Second, however, is the question of what happens to those litigants whose statutes of limitation expired between the mass court closures of mid-March and April 5, 2020. The new rules do not address these unfortunate parties, and likely could not, given the text of the Governor’s March 27 executive order. That order states that, if a proposed rule suspends a statute, the statute is suspended only once the proposed rule is adopted and effective. Therefore, if a party could not file an action in late March because courts were closed and the statute of limitations has now expired, emergency rule 9 does not and could not help. That unhappy litigant must instead rely on equitable tolling, or the patchwork of superior court orders, some of which proclaimed court holidays through late March under Government Code section 68115(a)(4). Those superior court orders likely have the practical effect of tolling the statute of limitations under Code of Civil Procedure sections 12 and 12a. See Deleon v. Bay Area Rapid Transit (1983) 33 Cal.3d 456, 461.
In short, while emergency rule 9 is a dramatic assertion of judicial power, its suspension of all statutes of limitation left some litigants in the cold. Further, because the suspension will last until 90 days after the Governor declares the state of emergency “lifted,” and because there is no end in sight to the pandemic, the suspension of all statutes of limitation could last well into late 2020 – or beyond. Good news for the plaintiffs’ bar.
Emergency Rule 11 – Is Everyone on the Line?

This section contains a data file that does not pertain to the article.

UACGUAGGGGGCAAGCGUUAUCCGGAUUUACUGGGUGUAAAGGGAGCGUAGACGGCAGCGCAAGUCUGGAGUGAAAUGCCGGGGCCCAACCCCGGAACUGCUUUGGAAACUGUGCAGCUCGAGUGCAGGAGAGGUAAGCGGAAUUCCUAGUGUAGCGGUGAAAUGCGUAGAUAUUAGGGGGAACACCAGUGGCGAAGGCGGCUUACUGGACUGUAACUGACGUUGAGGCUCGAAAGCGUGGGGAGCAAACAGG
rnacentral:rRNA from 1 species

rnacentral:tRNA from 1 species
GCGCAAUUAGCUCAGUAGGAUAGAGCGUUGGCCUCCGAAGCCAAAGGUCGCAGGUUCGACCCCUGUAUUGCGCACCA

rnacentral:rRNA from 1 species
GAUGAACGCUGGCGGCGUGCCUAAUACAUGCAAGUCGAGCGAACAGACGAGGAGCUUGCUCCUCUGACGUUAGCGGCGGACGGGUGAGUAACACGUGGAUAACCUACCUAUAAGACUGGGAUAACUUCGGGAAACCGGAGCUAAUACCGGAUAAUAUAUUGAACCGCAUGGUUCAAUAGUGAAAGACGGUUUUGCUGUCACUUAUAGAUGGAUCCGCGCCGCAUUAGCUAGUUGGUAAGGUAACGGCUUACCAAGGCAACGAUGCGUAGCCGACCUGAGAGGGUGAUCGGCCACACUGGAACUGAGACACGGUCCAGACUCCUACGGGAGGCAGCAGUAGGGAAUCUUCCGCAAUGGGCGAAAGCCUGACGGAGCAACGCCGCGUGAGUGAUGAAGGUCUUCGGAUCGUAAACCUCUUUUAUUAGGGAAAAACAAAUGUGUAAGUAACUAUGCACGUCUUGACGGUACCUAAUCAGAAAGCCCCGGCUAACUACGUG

Even with courts closed, civil litigators can still move their cases forward during this unprecedented time. The Judicial Council has provided more flexibility to keep cases progressing by permitting deponents not to personally appear with the court reporter for their depositions. Emergency rule 11 allows either the deponent or the noticing party to insist the deponent not appear with the court reporter, partially suspending Code of Civil Procedure section 2025.310 and California Rule of Court, rule 3.1010.
While this new rule theoretically allows more depositions to proceed than otherwise would be the case under current stay-at-home orders, it presents logistical challenges attorneys must resolve on their own. Some things to consider: what if the noticing party wanted the deposition videotaped? A videographer is not necessarily a “deposition officer,” and so emergency rule 11 arguably might not apply. How will the noticing attorney present and mark exhibits? Careful pre-deposition coordination with the court reporter, witness, and opposing counsel will be necessary. If the noticing attorney wanted the deponent to draw diagrams or mark up exhibits, how will that be handled? These and other questions will need to be resolved by attorneys in the trenches on an ad hoc basis.
While the new emergency rules provide much-needed relief, many issues are left open. However, emergency rules 9 and 11 provide some relief and guidance for how to handle the coming months. In the meantime, the superior courts will likely continue to issue their own orders giving specific guidance in their jurisdictions, requiring attorneys to be vigilant in monitoring superior court websites for orders and press releases. And, given the Governor’s broad powers and the open-ended nature of this emergency, we likely have not seen the last emergency rules from the Judicial Council.
Mark Wilson, a trial attorney, has won nearly every case he has tried or arbitrated. He lost only one jury trial and obtained a complete reversal on appeal. Mr. Wilson represents clients in business litigation and legal malpractice cases and was named in the 2017 – 2020 SuperLawyers Top 50 Orange County lists. Mr. Wilson is a California State Bar certified specialist in Legal Malpractice Law and can be reached at 949-631-3300; [email protected]; https://www.kleinandwilson.com